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Lump sum payments to doctors to conduct medical practice were on revenue account

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In Healius Ltd v FC of T, the Federal Court held that lump sum payments made by the operator of medical centres to doctors to conduct their practice at these medical centres were on revenue account. The lump sum payments were held not to be capital or capital in nature, but recurrent and ongoing, as the taxpayer consistently tried to engage doctors to meet its ongoing demand for them.

The taxpayer, an operator of medical centres, engaged doctors to practice at these facilities. Between 30 June 2003 and 30 June 2007, the taxpayer made lump sum payments to doctors in return for their promise to exclusively conduct their practices from one of its medical centres, usually for a five year period.

The Commissioner determined that the lump sum outgoings were of capital or of a capital nature and therefore not deductible and disallowed the taxpayer’s objections to this decision in each relevant year. The taxpayer appealed to the Federal Court.

The court needed to determine if the lump sum payments were on revenue account as payments to secure customers (and hence deductible against assessable income) or were of “capital or of a capital nature” within the meaning of s 8-1(2)(a) ITAA 1997.  

The Commissioner argued that the business of the taxpayer was to develop and operate medical centres, with the provision of medical services to the public as a core part of that business. To facilitate that, the taxpayer acquired the doctors’ practice or their goodwill and therefore the lump sum payments were on capital account.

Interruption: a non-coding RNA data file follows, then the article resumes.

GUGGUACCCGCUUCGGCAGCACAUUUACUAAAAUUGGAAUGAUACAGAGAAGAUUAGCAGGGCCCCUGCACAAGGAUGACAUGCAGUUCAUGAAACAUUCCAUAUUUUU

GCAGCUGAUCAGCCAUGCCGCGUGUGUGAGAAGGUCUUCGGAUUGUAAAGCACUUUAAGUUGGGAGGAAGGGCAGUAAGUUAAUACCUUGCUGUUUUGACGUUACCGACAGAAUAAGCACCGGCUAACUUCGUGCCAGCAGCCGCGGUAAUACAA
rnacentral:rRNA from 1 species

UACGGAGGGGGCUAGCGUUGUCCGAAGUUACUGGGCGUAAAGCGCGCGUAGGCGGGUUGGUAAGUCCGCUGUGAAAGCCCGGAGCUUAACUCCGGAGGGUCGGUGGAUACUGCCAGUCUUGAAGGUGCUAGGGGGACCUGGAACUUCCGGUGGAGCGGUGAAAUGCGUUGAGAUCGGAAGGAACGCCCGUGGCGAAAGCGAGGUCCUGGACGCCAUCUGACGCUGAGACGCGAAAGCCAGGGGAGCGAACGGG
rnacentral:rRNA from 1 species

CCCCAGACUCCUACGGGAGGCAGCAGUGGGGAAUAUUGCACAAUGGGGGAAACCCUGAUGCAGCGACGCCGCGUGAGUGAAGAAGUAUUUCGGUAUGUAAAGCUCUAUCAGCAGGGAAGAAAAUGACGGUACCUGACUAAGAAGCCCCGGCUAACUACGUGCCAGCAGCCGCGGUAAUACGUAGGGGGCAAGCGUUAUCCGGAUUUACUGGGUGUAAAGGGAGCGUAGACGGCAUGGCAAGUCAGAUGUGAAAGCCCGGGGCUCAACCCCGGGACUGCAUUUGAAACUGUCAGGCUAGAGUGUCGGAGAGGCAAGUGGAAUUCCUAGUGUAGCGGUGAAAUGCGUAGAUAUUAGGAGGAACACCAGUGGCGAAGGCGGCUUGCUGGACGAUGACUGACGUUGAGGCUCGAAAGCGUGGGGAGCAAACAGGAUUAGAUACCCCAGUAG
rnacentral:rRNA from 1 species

On the other hand, the taxpayer argued that the lump sum payments were part of a process by which it obtained regular returns by means of regular outlay. As such, the outgoings were not paid to establish the structure or organisation of the taxpayer’s business.

The Federal Court held that the lump sum payments were on revenue account and were not capital or capital in nature, but recurrent and ongoing, as the taxpayer consistently tried to engage doctors to meet its ongoing demand for them. It accepted that each payment was for the winning of a customer.

The Court found that the taxpayer did not acquire the doctors’ practice or their goodwill. The payments were rather for the doctors’ promise to conduct their practice as an independent contractor exclusively from the taxpayer’s medical centre for five years.

The Court also found that the provision of medical services by the doctors at its medical centres was not a component of the taxpayer’s business structure. Instead, the taxpayer owned the premises where the centres were situated, and the equipment and administrative staff provided to the doctors. Whilst the provision of medical services was essential to the business, it was not part of the actual business structure. The business instead provided services and facilities to health care providers who then conducted their own business from the premises.

The Commissioner has appealed against the judgement.

Source: www.austlii.edu.au

Image by Darko Stojanovic from Pixabay

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